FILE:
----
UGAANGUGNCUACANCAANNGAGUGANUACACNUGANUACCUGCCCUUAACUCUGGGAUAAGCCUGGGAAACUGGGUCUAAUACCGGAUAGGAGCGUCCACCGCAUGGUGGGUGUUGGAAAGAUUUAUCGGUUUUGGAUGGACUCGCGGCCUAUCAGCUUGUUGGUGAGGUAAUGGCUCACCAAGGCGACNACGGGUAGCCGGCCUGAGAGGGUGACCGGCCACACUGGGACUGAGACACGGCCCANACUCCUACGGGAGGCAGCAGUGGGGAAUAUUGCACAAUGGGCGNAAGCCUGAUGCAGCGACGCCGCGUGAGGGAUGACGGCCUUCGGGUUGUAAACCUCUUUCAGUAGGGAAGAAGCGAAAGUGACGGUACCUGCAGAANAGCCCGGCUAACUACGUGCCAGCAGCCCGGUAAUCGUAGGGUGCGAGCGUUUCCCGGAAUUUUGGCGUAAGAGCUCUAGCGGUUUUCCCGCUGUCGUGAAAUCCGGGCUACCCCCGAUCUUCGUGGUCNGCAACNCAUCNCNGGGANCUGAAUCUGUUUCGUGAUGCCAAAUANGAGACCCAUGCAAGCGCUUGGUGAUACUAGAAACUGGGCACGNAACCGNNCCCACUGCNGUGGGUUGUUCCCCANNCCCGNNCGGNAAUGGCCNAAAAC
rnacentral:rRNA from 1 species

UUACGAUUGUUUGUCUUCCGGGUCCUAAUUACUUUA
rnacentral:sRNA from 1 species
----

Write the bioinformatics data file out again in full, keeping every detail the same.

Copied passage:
UGAANGUGNCUACANCAANNGAGUGANUACACNUGANUACCUGCCCUUAACUCUGGGAUAAGCCUGGGAAACUGGGUCUAAUACCGGAUAGGAGCGUCCACCGCAUGGUGGGUGUUGGAAAGAUUUAUCGGUUUUGGAUGGACUCGCGGCCUAUCAGCUUGUUGGUGAGGUAAUGGCUCACCAAGGCGACNACGGGUAGCCGGCCUGAGAGGGUGACCGGCCACACUGGGACUGAGACACGGCCCANACUCCUACGGGAGGCAGCAGUGGGGAAUAUUGCACAAUGGGCGNAAGCCUGAUGCAGCGACGCCGCGUGAGGGAUGACGGCCUUCGGGUUGUAAACCUCUUUCAGUAGGGAAGAAGCGAAAGUGACGGUACCUGCAGAANAGCCCGGCUAACUACGUGCCAGCAGCCCGGUAAUCGUAGGGUGCGAGCGUUUCCCGGAAUUUUGGCGUAAGAGCUCUAGCGGUUUUCCCGCUGUCGUGAAAUCCGGGCUACCCCCGAUCUUCGUGGUCNGCAACNCAUCNCNGGGANCUGAAUCUGUUUCGUGAUGCCAAAUANGAGACCCAUGCAAGCGCUUGGUGAUACUAGAAACUGGGCACGNAACCGNNCCCACUGCNGUGGGUUGUUCCCCANNCCCGNNCGGNAAUGGCCNAAAAC
rnacentral:rRNA from 1 species

UUACGAUUGUUUGUCUUCCGGGUCCUAAUUACUUUA
rnacentral:sRNA from 1 species